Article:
Archive | Garden Plants RSS feed for this section

7 Benefits of Robinia pseudoacacia ‘Frisia’ – Why I Changed My Scathing Review

Several years ago I wrote an article titled ‘ Why I Won’t Plant Robinia pseudoacacia ‘Frisia‘ again : A Love Affair Gone Awry.

It was about how I fell in love with a Golden locust some 2o plus years ago when I first saw it in London.

How I knew I was going to find a place in my garden for it at the right time and was able to do so after a major renovation.

How I was swept away by my vision of what the end result would be.

How I knew that the benefits of Robinia pseudoacacia ‘Frisia‘ would be numerous. Within a year after buying these 2-3′ tall leafless sticks from Gosslers Farms Nursery, the first 3 Robinias had become stars of the garden.

What started out as 3 Robinia pseudoacacia ‘Frisia’ on the top level of my garden, within a few years grew to 6, and then 9 .

Robinia entryway Chanticleer

Robinia pseudoacacia ‘frisia’ – entryway at Chanticleer

The shortcut version of the story is that after 5 years of marveling at their early spring green ovate leaves, followed by fragrant white pea like flowers, the chartreuse/yellow foliage in summer, then a vibrant yellow into the fall before dropping their leaves, the Golden locusts had become problematic.

Continue Reading →

Comments { 7 }

Succulent Leaf Propagation: How to Make New Plants from Old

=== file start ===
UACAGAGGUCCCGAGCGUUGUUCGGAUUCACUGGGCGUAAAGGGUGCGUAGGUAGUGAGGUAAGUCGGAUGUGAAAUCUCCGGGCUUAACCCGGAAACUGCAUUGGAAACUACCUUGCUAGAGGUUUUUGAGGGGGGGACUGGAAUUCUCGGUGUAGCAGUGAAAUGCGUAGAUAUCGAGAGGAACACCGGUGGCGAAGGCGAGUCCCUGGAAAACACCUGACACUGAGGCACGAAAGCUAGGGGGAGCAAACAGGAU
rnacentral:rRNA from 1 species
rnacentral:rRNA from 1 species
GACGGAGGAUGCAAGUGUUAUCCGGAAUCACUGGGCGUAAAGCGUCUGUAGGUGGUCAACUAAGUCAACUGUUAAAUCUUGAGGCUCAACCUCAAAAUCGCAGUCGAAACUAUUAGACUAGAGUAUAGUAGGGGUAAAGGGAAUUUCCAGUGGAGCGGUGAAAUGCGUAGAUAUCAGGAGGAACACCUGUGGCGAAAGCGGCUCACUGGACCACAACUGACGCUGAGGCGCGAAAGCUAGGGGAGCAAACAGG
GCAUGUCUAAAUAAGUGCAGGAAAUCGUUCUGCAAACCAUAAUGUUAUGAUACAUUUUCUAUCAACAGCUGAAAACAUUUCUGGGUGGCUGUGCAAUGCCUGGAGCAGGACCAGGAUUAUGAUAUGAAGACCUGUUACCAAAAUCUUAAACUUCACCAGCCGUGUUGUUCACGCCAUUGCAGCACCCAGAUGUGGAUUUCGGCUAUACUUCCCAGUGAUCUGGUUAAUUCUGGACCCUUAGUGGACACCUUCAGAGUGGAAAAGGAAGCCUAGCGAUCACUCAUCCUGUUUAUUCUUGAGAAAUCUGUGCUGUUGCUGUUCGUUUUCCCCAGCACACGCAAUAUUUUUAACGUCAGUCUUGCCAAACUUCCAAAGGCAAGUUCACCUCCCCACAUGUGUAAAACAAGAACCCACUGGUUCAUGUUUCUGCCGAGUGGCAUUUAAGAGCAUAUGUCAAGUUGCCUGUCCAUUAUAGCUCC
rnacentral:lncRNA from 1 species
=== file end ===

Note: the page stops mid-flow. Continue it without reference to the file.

If leaves pop off a succulent readily, that’s a clue that those leaves probably are capable of generating roots and new little plants. Like these of Sedum rubrotinctum ‘Aurora’.

IMG_3404

Notice how the original leaf has wrinkled as its life-giving fluids have gone into leaf and root production? I love the beadlike quality of the new little leaves, and the way the original leaf contains everything needed to create life. Interesting, too, that where the leaf was attached to the stem, the cellular tissue can form both leaves and roots. Continue Reading →

Comments { 11 }

Jewels of the Cactus and Succulent Show

Succulent enthusiasts flock to the annual Cactus & Succulent Society Show at the Los Angeles Arboretum mid-August. It’s the largest of its kind in the US. Judges award ribbons and trophies based on how well a specimen is grown, its rarity, and how well it’s “staged” in its pot. Pots aren’t merely containers, they’re works of art, and may be more valuable than the plant. Below are what caught my eye and photographed well, but represent only a fraction of the unusual and beautiful succulents on display.

Agave victoriae-reginae

Above: Agave victoriae-reginae, named after England’s Queen Victoria. Continue Reading →

Comments { 12 }

Succulent Plant-Pot Pairings

What comes first for you, the plant or the pot? For me it’s usually the pot. When a friend presents me with a special pot, it’s a given that I’ll plant it with succulents. But I don’t always know what will look good in it. So I ask the pot what it wants. I take it to the nursery, and walk the aisles with it, trying on plants. What I look for are  good scale and proportion; repetitions of shapes, colors or patterns; and (sometimes) an element of whimsy.

IMG_3308

Above: This was a gift from potter Don Hunt, whose work I collect, and who sells at San Diego’s Cactus & Succulent Society shows. Dots in the glaze, and the fact that the pot seemed to be asking for a trailing plant, inspired the selection of string of pearls (Senecio rowleyanus). I added beads for bling. Continue Reading →

Comments { 28 }

Summer Shadows

Shadows are as much a part of a Southern California summer as sunshine itself. These play with the imagination like a midsummer day’s dream.

Euphorbia shadow_JFR

Above: Flowers of a columnar euphorbia.

IMG_2762

Above: Aloe flower and stair rail. Continue Reading →

Comments { 16 }